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Photo: Mint

Tap stock market wealth for a stimulus programme

A one-off tax on windfall gains from the current equity rally could help the government spend more

The current stock market rally is making a lot of people scratch their heads. Its exuberance contrasts sharply with the woeful state of the economy. Howard Silverblatt, senior index analyst at Standard and Poor’s Dow Jones Indices, said: “This market is nuts." The S&P 500 has risen by more than 50% from its March lows. The Nasdaq, which is dominated by technology stocks, is up 68%. Apple just crossed a market value of $2 trillion. A hedge fund called Universa secured a return of 4,331% in one quarter. This was presumably thanks to some clever bets on the steep market fall in March.The same giddy story is repeated in stock markets of London, Frankfurt, Tokyo and Mumbai. The BSE Sensex is up almost 50% in five and a half months. The governor of the Reserve Bank of India (RBI) has cautioned that the market is due for a correction, a rare comment by a governor. It was not meant to be a stock market tip, but an assurance to the financial system that RBI would stand by with liquidity support if the bubble burst. The irony may not have escaped him that it was probably the huge liquidity infusions carried out by central banks that were fuelling this incredible rally. Globally, central bank balance sheets have fattened themselves, much like in the aftermath of the 2008 financial crisis. Even RBI has pumped in more than 10 trillion since February to spur credit creation. However, much of this liquidity returns to it every night as surplus funds through its reverse repo window.

We don’t know if this rally will come to a halt or continue unabated. Monetary easing will continue, supporting asset price rallies. The liquidity seems to have spilled over to commodity markets too. Gold prices had touched an all-time high recently, before receding somewhat. Ordinarily, zooming gold prices imply risk aversion, as investors choose the yellow metal as a safe haven. But the high tide across the world is lifting all boats at the same time.

Meanwhile, news from the economy is dismal: a contraction in output and incomes, a steep rise in unemployment, and fiscal management under stress. Most governments around the world have unhesitatingly opened their fiscal taps to fund programmes like unemployment insurance, job furloughs, assistance to small businesses and even direct cash transfers to households. India too has injected the equivalent of 1% of its gross domestic product as fiscal stimulus, which has mostly helped the rural economy. This took the form of increased food and rations, direct cash transfers, high grain procurement at support prices, and a doubling of funds for India’s rural employment guarantee scheme, which acts as a form of unemployment insurance. More stimulus is expected, especially for industry, small businesses and the urban economy.

The challenge for finance minister Nirmala Sitharaman is to find the resources needed to fund the increased outlay. Short of monetizing the deficit (i.e. printing currency notes), there are only two options. Increase either taxes or borrowings (which is nothing but deferred taxes). There are suggestions like floating a special covid bond outside of the budgetary process, or selling sovereign bonds to foreigners. Both would raise the indebtedness of the government, which can trigger a rating downgrade. Another idea, described in this column (4 May, Mint) is to pledge government shares in public sector companies to RBI. Such a loan against shares can be structured as a five-year repo transaction, thus bypassing markets and averting a disruptive impact on interest rates. The loan-to-value ratio can be a full 100% and the rate of interest a modest 3%. Since a stimulus thus financed would help India’s growth prospects, it would also presumably prop up prices of the pledged stocks themselves. Hence, the resultant capital gains could help partially redeem the repo loan. It will be mutually beneficial to both the government and RBI. Indeed, the Centre should have pledged its shares before the current rally began, and helped itself perhaps to an extra 1 or 2 trillion.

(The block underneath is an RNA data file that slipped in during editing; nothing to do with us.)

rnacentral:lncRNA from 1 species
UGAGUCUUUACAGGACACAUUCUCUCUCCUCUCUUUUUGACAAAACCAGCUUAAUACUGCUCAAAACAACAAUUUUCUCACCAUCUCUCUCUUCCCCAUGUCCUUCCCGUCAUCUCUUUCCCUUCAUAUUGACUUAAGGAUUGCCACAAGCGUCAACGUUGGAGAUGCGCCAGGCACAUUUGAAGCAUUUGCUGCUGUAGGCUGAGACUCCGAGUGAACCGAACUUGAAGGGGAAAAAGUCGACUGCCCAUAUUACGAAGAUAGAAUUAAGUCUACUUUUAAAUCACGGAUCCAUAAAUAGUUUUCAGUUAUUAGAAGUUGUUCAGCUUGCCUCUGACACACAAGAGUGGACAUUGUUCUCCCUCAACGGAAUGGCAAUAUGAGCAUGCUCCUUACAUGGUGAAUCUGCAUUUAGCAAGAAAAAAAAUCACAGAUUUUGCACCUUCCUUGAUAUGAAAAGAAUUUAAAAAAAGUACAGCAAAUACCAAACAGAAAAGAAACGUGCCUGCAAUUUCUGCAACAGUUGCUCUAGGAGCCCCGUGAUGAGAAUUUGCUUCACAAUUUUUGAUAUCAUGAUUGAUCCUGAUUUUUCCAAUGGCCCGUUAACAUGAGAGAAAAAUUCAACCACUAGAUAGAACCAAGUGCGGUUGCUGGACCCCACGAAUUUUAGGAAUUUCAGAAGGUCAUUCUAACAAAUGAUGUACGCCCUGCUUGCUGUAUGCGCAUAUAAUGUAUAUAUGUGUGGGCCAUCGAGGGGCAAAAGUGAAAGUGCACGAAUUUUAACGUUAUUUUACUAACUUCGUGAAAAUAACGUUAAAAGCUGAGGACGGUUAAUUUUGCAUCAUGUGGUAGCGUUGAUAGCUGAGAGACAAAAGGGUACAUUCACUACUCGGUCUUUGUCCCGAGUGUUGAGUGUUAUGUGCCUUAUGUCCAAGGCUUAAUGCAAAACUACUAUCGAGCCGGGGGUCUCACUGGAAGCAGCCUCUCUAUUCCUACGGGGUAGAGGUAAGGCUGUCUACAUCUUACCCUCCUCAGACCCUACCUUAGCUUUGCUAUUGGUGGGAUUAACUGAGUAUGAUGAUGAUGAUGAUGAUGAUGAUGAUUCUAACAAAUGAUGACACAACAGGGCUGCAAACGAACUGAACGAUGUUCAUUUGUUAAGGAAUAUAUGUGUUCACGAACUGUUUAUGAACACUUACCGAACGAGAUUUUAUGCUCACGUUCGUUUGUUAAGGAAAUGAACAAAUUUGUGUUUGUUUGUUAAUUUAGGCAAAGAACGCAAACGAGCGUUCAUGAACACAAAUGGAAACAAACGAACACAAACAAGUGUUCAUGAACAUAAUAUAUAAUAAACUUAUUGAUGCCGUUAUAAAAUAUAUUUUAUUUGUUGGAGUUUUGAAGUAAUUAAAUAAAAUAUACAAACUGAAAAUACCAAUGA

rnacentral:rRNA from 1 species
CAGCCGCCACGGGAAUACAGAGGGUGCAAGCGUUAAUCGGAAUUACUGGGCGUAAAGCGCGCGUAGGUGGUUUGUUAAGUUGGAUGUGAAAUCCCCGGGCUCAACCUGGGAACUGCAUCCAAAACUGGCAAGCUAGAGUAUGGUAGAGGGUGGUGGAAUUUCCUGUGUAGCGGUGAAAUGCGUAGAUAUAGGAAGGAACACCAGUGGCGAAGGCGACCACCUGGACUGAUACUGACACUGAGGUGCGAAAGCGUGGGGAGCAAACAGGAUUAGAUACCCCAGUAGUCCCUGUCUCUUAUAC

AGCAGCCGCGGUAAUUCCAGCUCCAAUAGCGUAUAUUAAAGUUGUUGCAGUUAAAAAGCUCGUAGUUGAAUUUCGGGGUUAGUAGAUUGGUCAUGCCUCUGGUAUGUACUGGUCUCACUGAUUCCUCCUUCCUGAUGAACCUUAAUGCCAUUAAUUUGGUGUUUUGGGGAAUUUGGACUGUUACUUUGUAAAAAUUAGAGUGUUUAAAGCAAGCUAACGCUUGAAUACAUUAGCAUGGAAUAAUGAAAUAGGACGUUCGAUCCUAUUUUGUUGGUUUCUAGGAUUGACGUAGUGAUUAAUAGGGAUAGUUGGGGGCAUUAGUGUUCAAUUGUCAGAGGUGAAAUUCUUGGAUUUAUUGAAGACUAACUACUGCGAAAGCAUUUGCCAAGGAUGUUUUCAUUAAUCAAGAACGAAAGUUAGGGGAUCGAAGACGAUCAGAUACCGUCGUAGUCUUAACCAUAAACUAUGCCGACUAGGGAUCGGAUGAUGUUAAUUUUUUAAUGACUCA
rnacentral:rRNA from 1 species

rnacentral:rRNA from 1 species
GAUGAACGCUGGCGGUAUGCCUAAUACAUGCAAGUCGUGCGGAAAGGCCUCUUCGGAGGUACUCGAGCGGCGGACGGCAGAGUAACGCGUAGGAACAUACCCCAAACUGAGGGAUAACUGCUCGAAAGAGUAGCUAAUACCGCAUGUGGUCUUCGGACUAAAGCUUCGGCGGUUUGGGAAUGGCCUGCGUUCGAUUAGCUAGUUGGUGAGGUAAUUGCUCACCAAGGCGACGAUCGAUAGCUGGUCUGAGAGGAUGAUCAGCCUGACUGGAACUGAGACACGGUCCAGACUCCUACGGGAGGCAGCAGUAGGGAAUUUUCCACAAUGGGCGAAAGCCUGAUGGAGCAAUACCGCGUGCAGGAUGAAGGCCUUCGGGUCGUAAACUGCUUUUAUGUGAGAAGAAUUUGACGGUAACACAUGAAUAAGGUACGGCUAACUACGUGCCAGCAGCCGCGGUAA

The bigger question is how to tap the huge wealth being created in stock markets. Is it fair to eye this wealth as a way to fund the fiscal needs of the government? After all, the government needs resources for redistribution to those who have lost incomes and livelihoods, help small businesses tide over the crisis, and prevent destitution and starvation. Additionally, it’s now accepted that an ultra-loose monetary policy itself is causing equity wealth to zoom. In turn, it has worsened income inequality. That’s because the rewards of stock rallies tend to accrue to those in higher income brackets. The equity rally has been helped along by practices such as stock buybacks, which pump up price-to-earning ratios. In the past five years, American companies have used up $1 trillion every year to buy back their own shares.

Would a small tax on this windfall wealth be acceptable? Say, as an exceptional measure to help cope with a pandemic-stricken economy? One parallel to this is former US President Barack Obama’s 2008 suggestion of taxing the windfall profits of oil companies. This idea goes back to a tax imposed by the Jimmy Carter administration in the 1970s. Of course, that was a tax on windfall income, whereas the present idea is to tax windfall wealth. Operationalizing such a wealth tax may be tricky, but it is an idea worth pursuing. At the very least, we need to protect the current regime of capital gains tax, which was hard fought and won back after nearly 20 years.

Ajit Ranade is an economist and a senior fellow at The Takshashila Institution, an independent centre for research and education in public policy.

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